T10 Document Access


INCITS Policy on Document Access

INCITS has established policies regarding document access for its technical committees. Please see the INCITS Organization, Policies and Procedures for the complete policy. T10 has adopted the public-access model allowed by this policy. This model allows the public to access the vast majority of T10 documents.

The significant exception is that once a standard is approved, the working drafts for that standard becomer available only to T10 members. T10 members may need access to these old working drafts while developing new standards. If you need an approved standard, please support the standards development process by buying the official standard; they are not expensive.

A requirement for adopting the public-access model, was that the site "shall ensure that a notification is accepted by the person seeking access (the 'user') before access is granted". The notification says the user:

T10.org implementation of the public-access model

T10.org implements the public-access model by using an File Access Monitor GCI script. This script attempts to keep track of users by sending a 'persistent' cookie to the user's web browser. A cookie is basically a short text string that is stored in the browser's cookie file. A part of the cookie says how long the cookie should be saved. T10.org asks your browser to save the cookie one year and the only information in the cookie is an unique code that the CGI script can use on subsequent access attempts to look up the information you typed into the File Access Monitor form. When everything works, the user is remembered and they do not have to fill out the File Access Monitor form again (unless they go more than a year without accessing t10.org).

Things can go wrong, however. When the user's web browser receives a persistent cookie it may keep the cookie until its expiration time. The key word here is 'may'. Some organizations set up their web browsers to only allow per-session cookies as the default behavior; these per-session cookies are discarded when the browser is closed. When the t10.org CGI script starts up, it asks your web browser for any cookies available for t10.org. (For security reasons, the script cannot ask for any other cookies.) If there are no t10.org cookies, then the script assumes the user is new. It asks the 'new' user to fill out the File Access Monitor form (again) and attempts to set a new persistent cookie.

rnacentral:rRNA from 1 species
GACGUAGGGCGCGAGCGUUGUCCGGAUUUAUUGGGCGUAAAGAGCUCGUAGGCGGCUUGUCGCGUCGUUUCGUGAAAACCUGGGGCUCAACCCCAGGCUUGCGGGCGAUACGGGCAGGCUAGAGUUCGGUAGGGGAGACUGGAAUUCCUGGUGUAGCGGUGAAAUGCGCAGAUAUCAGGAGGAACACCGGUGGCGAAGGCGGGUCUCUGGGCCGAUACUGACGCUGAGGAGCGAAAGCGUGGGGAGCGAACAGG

Enabling Persistent Cookies

Enabling persistent cookies for t10.org will make your experience on this site much smoother as you will not have to keep filling out the File Access Monitor form. Please note that you do not have to enable persistent cookies for all web sites. Most web browsers allow you to control which web sites can set persistent cookies:

  • On MS Internet Explorer, go to Tools - Internet Options - Privacy - Sites. Enter t10.org in the address box and click the Allow button.
  • On Firefox, go to Tools - Options - Security (or Privacy) - Cookies - Exceptions. Enter t10.org in the address box and click the Allow button.
  • On Chrome, click on the wrench, then Options - Under the Hood - Privacy - Content settings - Cookies - Manage exceptions. Enter t10.org in the Hostname Pattern and click the Allow button.
  • On other browsers, please consult your documentation.

T10 Member vs. Guest Access

The File Access Monitor form has two sections. The first section is for guests and it asks for some contact information. This information is used to manage the t10.org site and is not shared with other organizations. The second section allows T10 members to identify themselves by using their T10 password.

Full Document Access for People who work for T10 Member Organizations

If you work for a T10 member organization, but are not a T10 principal or alternate member, you can still get full T10 document access. When you fill out the guest portion of the File Access Monitor form, be sure to use your company email address. The File Access Monitor CGI script will recognize your company's domain name in your email address and will send you an email that includes a link to enable your full access rights. (Unfortunately, this email takes a few seconds to get to you, so the first file you attempted to access will be denied if it needs more than guest privileges. If this happens, please try again once you have clicked on the email link.)

Also, make sure that the company email address you provide is one that can receive email from outside your company; t10.org is outside your company. For example, a lot of companies will not accept an email to jsmith@xyz.com, but will accept an email to john.smith@xyz.com.


(This page was last updated 2015/11/05)